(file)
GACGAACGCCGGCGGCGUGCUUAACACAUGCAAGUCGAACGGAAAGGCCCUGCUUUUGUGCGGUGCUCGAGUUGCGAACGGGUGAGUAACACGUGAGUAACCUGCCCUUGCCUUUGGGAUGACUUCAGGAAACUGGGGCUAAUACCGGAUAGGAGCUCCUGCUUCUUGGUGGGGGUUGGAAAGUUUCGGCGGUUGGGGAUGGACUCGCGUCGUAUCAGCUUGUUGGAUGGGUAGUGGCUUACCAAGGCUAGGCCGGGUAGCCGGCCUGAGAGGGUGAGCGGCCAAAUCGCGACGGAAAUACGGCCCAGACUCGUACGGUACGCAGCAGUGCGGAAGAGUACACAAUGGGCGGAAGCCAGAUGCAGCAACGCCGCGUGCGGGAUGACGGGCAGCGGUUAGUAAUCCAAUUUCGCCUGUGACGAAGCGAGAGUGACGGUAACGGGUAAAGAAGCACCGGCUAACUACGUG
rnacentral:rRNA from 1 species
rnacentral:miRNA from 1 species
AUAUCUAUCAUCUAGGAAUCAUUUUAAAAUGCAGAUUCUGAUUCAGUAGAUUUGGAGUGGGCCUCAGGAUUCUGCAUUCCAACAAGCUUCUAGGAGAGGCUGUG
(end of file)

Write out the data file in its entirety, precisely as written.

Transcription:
GACGAACGCCGGCGGCGUGCUUAACACAUGCAAGUCGAACGGAAAGGCCCUGCUUUUGUGCGGUGCUCGAGUUGCGAACGGGUGAGUAACACGUGAGUAACCUGCCCUUGCCUUUGGGAUGACUUCAGGAAACUGGGGCUAAUACCGGAUAGGAGCUCCUGCUUCUUGGUGGGGGUUGGAAAGUUUCGGCGGUUGGGGAUGGACUCGCGUCGUAUCAGCUUGUUGGAUGGGUAGUGGCUUACCAAGGCUAGGCCGGGUAGCCGGCCUGAGAGGGUGAGCGGCCAAAUCGCGACGGAAAUACGGCCCAGACUCGUACGGUACGCAGCAGUGCGGAAGAGUACACAAUGGGCGGAAGCCAGAUGCAGCAACGCCGCGUGCGGGAUGACGGGCAGCGGUUAGUAAUCCAAUUUCGCCUGUGACGAAGCGAGAGUGACGGUAACGGGUAAAGAAGCACCGGCUAACUACGUG
rnacentral:rRNA from 1 species
rnacentral:miRNA from 1 species
AUAUCUAUCAUCUAGGAAUCAUUUUAAAAUGCAGAUUCUGAUUCAGUAGAUUUGGAGUGGGCCUCAGGAUUCUGCAUUCCAACAAGCUUCUAGGAGAGGCUGUG